Collaborative Practice in Health Care

Collaborative practice in health care occurs when a member of the health care team consults with another member to provide patient care. Collaboration most often occurs between doctors and nurses. “Collaboration is defined as a relationship of interdependence; the ability to work together involves trust and respect not only of each other but of the work and perspectives each contributes to the care of the patient” (Phipps and Schaag, 1995, p. 19). Effective collaborative practice amongst all health care team members leads to continuity of care, professional interdependence, quality care and patient satisfaction and decreased costs.

Ongoing collaboration between health care members results in mutual respect, trust and an appreciation of what each individual brings to the overall goal in rendering care to the client. The following vignette will provide the foundation for the discussion of collaborative care, differentiating between nursing diagnosis and collaborative problems, and potential barriers to successful collaboration.

JG is a 74 year old married Hispanic male diagnosed with colon cancer.

He had a history of prosthesis placement of his left lower leg; he is ambulatory. He is a diabetic on oral medications. He worked as a farm laborer. He lives with his wife she does not speak English she is a homemaker. He has a son who lives nearby and a nephew who periodically visits him. JG can understand some English. He does have some difficulty expressing his health concerns to the staff because of his limited vocabulary. His son or nephew brings JG to his clinic appointments. He receives weekly chemotherapy at the outpatient oncology clinic.

The day I cared for JG he arrived at the clinic accompanied by his nephew. This was week seven of his treatment. His clothing was dirty, he smelled of stool, his fingernails were dirty, hair uncombed, he appeared to be dehydrated. He reported bowel movements of eight stools per day with complaints of occasional abdominal cramping. He denied nausea or loss of appetite. He stated that he was very tired and was not able to do much at home.

His main concern was the frequency of his bowel movements. He reports having to go to the bathroom two to three times during the night and has episodes of soiling the bed. He reports that sometimes he does not feel the urge to go. JG was wearing adult diapers. He expressed concern that it was getting expensive for him to purchase. The nephew confirmed that JG toileting has created a problem in the home. His nephew verbalized that JG had medication for diarrhea but ran out of it and he did not have the money to purchase the medication. When questioned why he was using a wheelchair he stated that his foot hurt to walk the distance from the lobby to the treatment room. He mentioned that it was probably due to an ingrown toe nail. He also asked how he could obtain a wheel chair for his personal use at home. Physical assessment revealed that he had a necrotic area on the ball of his left foot with surrounding redness, lost 12 pounds in six weeks, poor skin turgor, hyperactive bowel sounds, and his blood pressure was slightly lower than baseline.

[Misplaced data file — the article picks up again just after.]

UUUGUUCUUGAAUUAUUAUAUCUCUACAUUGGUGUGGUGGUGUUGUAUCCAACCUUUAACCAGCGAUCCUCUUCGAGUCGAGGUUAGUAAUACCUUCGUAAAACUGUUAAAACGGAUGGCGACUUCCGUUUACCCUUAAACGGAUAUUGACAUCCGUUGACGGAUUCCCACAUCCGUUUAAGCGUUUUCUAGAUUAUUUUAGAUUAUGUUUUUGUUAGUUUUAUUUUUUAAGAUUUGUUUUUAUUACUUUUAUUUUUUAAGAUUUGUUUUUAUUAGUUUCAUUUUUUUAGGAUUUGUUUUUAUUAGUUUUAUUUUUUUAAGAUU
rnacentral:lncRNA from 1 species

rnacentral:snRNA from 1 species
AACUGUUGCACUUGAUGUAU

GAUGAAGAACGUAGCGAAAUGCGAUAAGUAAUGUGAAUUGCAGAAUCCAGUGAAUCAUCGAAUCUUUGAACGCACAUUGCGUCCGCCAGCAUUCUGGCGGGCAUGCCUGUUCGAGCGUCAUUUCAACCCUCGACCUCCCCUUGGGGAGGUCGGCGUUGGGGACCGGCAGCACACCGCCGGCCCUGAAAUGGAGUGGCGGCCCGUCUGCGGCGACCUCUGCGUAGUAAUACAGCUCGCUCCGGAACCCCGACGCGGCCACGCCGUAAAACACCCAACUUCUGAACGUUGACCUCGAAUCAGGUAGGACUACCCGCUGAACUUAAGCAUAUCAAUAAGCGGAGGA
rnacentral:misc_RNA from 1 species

In the ambulatory chemotherapy setting, the clients do not always see their physician every time they receive treatment. The nurse must ascertain when to collaborate with the physician on issues regarding the patients status, response to treatment, or toxicities that may be life threatening. It is essential that the nurse is capable to communicate effectively her-(Be careful with gender bias, nurses come in both genders.) observations to the physician.

Collaborative problems are detected from the nurse’s assessment of the patient. The nurse’s monitoring of the patient status is to evaluate physiological complications that may threaten the patient’s integrity. Management of collaborative problems will include implementing physician prescribed and nurse prescribed actions to curtail escalation of the problem and preventing patient harm. From the nurse’s assessment, she also formulates a nursing diagnosis. The nursing diagnoses are stated in the form of the problem, the etiology and the symptoms that the nurse observes. Nursing diagnosis can include a current or potential problem, an at risk problem, or a wellness diagnosis. Nursing diagnosis provides the framework from which the nurse begins to devise a plan of care and nursing interventions.

In the case of JG, there were two collaborative problems identified. Two problems I collaborated with physician, these were:

1. JG is experiencing toxicity from the chemotherapy. There is potential for electrolyte imbalance, circulatory collapse.